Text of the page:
Countries Are Experimenting with Cellulosic Ethanol Development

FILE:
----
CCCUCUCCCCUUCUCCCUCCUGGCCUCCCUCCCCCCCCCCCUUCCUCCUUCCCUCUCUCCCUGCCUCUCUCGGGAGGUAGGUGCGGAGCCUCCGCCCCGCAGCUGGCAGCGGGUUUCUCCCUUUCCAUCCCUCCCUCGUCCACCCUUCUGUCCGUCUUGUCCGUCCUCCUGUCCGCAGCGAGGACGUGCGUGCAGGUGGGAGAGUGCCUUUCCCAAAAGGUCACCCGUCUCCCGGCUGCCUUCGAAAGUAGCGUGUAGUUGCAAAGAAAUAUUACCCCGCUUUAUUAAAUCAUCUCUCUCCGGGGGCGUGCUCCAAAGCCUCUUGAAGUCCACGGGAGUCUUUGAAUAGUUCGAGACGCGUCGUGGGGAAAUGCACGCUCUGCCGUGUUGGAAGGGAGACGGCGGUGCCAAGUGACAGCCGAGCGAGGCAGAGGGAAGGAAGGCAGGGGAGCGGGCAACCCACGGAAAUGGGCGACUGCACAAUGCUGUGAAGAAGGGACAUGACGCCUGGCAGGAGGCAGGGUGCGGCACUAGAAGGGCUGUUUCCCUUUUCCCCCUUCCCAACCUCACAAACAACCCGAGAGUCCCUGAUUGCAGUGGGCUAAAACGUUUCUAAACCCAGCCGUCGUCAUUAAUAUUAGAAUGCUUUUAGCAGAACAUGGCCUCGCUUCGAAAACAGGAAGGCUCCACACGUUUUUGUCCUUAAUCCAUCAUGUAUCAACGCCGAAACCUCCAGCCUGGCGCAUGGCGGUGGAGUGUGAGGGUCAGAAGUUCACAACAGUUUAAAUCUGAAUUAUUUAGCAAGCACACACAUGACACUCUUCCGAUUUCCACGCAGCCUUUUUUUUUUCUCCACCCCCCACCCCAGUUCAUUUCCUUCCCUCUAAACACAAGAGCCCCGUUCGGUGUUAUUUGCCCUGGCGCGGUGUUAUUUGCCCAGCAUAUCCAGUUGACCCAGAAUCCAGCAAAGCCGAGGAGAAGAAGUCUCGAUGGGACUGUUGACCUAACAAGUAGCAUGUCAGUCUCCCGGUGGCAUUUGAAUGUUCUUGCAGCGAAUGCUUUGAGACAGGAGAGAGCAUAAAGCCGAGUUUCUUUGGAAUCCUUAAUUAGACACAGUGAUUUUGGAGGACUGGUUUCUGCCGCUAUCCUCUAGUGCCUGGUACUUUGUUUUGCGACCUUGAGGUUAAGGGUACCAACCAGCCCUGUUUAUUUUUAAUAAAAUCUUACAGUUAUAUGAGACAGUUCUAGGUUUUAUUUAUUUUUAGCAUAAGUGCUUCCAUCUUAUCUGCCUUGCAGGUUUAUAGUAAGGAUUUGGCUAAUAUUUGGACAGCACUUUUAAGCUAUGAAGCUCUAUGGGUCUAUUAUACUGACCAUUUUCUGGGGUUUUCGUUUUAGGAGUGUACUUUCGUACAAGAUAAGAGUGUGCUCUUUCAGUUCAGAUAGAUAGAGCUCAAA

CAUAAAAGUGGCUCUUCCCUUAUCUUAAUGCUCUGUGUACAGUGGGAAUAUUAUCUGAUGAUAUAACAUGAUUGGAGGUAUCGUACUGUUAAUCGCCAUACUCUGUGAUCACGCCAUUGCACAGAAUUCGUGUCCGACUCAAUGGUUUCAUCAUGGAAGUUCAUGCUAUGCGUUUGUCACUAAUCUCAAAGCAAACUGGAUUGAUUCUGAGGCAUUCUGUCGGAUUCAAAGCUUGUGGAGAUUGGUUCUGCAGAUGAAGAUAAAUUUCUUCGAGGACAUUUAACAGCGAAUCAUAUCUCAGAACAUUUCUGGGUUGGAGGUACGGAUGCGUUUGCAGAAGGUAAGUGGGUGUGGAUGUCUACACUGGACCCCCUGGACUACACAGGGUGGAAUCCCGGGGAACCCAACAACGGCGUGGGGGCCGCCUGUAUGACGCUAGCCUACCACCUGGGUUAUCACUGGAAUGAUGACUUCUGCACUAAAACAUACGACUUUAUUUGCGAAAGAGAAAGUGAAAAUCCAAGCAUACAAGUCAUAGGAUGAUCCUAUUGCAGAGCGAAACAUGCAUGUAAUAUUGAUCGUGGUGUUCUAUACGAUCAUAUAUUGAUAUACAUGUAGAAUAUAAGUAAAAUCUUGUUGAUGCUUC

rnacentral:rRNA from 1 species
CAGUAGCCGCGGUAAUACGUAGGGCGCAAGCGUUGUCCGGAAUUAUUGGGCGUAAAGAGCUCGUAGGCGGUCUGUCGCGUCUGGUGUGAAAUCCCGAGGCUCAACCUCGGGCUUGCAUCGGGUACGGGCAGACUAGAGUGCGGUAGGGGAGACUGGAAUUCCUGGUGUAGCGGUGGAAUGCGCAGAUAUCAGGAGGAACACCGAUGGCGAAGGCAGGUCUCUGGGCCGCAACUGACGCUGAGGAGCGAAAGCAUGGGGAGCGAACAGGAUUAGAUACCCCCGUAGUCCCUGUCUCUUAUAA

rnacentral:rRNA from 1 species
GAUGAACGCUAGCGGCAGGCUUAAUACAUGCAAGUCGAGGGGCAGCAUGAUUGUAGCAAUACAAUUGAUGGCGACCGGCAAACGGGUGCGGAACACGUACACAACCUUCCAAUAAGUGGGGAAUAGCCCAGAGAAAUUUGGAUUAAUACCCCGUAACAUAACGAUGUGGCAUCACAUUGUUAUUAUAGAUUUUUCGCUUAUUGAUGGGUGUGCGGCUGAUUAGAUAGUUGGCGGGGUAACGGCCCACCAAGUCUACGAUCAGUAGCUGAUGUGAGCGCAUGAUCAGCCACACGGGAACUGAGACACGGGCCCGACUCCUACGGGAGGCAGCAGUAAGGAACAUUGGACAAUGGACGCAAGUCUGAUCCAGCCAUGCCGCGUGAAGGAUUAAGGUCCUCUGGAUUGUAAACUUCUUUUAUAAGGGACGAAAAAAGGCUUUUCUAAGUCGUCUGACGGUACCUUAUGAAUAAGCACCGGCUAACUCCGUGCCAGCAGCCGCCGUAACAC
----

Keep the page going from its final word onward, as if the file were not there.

In the near future, the gasoline flowing in your car’s tank will not only be the barrel of increasingly expensive “black gold” dredged from the deep sea or underground. Leftover wood chips from lumber mills, farmers’ discarded straws, and rice hulls will all be turned into fuel that will make your car run faster. Cellulosic ethanol is seen as one of the most promising feedstocks for gasoline blends. Various countries are just starting in this technology now, and once someone is one step or even half a step ahead, it means huge commercial benefits. Unlike wheat-based ethanol, the new technology uses cellulose-containing straw and wood chips to produce ethanol. This replaces some of the gasoline, makes it clean and environmentally friendly, and reduces the cost of raw materials. At present, the internationally popular technologies for manufacturing ethanol from starchy products are divided into three categories: one is the use of food crops such as corn or wheat. The second is the use of non-staple grains such as sweet potato, cassava, sweet sorghum, etc. The third category is the production of waste organisms contained in crop straw, forestry processing waste, sugarcane bagasse and municipal waste, collectively known as cellulose. Of the […]